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Recent NLRB rulings mean it’s time to update your employee handbook

May 8, 2015

The National Labor Relations Board (NLRB) recently has given increased attention to policies adopted by non-unionized employers. The NLRB has declared that seemingly routine provisions pertaining to confidential information, social media, employee interaction with the media, office decorum, etc., are unlawful because employees would reasonably construe the language to restrict protected concerted activity under the National Labor Relations Act.

The NLRB has taken an aggressive approach against blanket prohibitions and overly broad language contained in employee handbooks, contracts and policies. Just last week, the NLRB in Boch Imports, Inc. found unlawful several provisions of the employer’s handbook that: 

  1. required employees to identify themselves when posting comments online about the Company or policy issues; 
  2. prohibited employees from using the Company logo in any manner; and 
  3. prohibited employees who have contact with the public from wearing pins, insignia, or other message clothing.

The NLRB reasoned that employees would reasonably interpret the disputed provisions to restrict or prohibit protected concerted activities.1

The NLRB’s finding in Boch Imports, Inc. is consistent with this developing trend. Specifically, the NLRB recently has found in multiple cases that the following handbook provisions would reasonably be construed to restrict protected concerted activities:

  1. a policy precluding employees from making “negative comments about our fellow team members, coworkers, managers, etc.”;  
  2. a policy requiring employees to “represent the Company in the community in a positive and professional manner in every opportunity”;2   
  3. a policy advising employees not to “engage in or listen to negativity and gossip.”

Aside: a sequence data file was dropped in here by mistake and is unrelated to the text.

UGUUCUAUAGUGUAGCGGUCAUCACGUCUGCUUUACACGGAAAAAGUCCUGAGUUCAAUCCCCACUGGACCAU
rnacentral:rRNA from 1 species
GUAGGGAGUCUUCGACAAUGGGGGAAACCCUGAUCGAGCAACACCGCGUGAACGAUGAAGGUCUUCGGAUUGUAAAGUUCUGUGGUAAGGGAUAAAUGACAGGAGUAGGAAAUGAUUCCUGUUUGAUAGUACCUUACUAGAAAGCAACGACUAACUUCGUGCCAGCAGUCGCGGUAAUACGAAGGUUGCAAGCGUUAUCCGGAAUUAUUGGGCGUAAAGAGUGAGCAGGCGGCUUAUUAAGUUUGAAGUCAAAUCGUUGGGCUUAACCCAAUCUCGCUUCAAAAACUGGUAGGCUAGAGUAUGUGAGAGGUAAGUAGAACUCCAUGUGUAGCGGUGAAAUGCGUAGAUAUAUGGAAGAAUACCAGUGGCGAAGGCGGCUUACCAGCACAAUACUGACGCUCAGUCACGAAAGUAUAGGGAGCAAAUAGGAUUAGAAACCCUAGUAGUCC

4. an “internet blogging policy” prohibiting “inappropriate discussion about the company, management, and/or coworkers on social media”;3   
  5. a policy prohibiting employees from using an employer’s email system for non-work related messages;  
  6. a policy advising employees not to “contact the media” and “contact or comment to any media about the company unless pre-authorized by Public Relations”;5

As a result of these decisions, and other decisions like these, provisions that were once considered standard policies are now being found illegal.

Given the recent focus of the NLRB, it is important that employers review handbooks, contracts and internal policies. Employers should pay particular attention to policies concerning social media, interaction with the media, confidential information and office decorum as these are areas of particular interest for the NLRB.

Honigman will continue to monitor and inform you of developments in this area. In the meantime, please contact one of Honigman’s Labor and Employment attorneys if you have any questions or would like assistance reviewing your policies. 

362 NLRB 83 (April 30, 2015),
2 See Hills & Dales General Hospital, 360 NLRB 70 (April 1, 2014).
3 See Triple Play Sports Bar & Grille, 361 NLRB 31 (August 22, 2014).
4 See Purple Communication, Inc. 361 NLRB 126 (December 14, 2014).
5 See DirectTV, 359 NLRB 54 (January 25, 2013).

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